originally published by: The Guardian
27th April 2010
New Zealand-born Blair Peach died after a blow to the head during a demonstration in Southall, London, against the National Front in April 1979. The anti-fascist protester Blair Peach was almost certainly killed by police at a demonstration in 1979, according to a secret report released today.
Documents published on the Metropolitan police’s website shed new light on the death of Peach, a 33-year-old teacher from New Zealand, whose death marked one of the most controversial events in modern policing history. A campaigner against the far right, Peach died from a blow to the head during a demonstration against the National Front in Southall, west London.
Sir Paul Stephenson, the Metropolitan police commissioner, said the report made “uncomfortable reading” but unequivocally accepted the finding that a Met officer was likely to be responsible for the death and expressed his “regret”.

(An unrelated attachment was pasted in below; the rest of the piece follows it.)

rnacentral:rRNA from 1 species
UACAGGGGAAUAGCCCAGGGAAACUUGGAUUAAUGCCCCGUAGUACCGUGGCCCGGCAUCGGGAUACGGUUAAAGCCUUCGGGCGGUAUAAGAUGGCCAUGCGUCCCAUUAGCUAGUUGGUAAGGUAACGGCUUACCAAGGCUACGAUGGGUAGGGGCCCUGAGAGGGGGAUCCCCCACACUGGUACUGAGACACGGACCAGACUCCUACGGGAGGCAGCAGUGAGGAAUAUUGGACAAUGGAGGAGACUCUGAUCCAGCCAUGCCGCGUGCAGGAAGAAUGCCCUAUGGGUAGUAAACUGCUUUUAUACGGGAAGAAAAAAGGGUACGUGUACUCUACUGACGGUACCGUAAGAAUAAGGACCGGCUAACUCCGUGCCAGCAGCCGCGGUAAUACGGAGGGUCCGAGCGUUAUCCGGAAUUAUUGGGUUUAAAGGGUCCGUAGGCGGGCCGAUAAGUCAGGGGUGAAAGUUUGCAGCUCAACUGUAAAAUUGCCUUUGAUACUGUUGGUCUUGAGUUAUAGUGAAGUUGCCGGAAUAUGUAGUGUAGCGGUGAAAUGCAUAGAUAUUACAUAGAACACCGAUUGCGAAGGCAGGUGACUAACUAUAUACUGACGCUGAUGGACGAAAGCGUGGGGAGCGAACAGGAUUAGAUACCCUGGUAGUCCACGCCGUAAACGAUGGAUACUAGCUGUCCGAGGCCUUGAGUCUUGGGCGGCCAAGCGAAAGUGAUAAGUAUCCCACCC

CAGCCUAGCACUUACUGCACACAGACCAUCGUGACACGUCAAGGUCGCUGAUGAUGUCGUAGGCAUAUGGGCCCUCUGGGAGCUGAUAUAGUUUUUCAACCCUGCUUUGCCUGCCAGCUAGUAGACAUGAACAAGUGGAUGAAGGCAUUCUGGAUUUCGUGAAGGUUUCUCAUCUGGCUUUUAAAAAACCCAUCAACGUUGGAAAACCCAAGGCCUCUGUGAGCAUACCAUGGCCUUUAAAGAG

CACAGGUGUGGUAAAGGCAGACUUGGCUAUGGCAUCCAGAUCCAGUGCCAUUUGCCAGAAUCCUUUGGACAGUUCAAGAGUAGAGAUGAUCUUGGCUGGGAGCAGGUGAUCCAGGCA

Peach’s family have campaigned to see the crucial report for more than 30 years. It said it could “reasonably be concluded that a police officer struck the fatal blow”.
A police van carrying six officers was identified as having been at the scene when the fatal blow was struck.
The 130-page report was produced by Commander John Cass, who ran the Met’s internal complaints bureau and led the investigation into Peach’s death.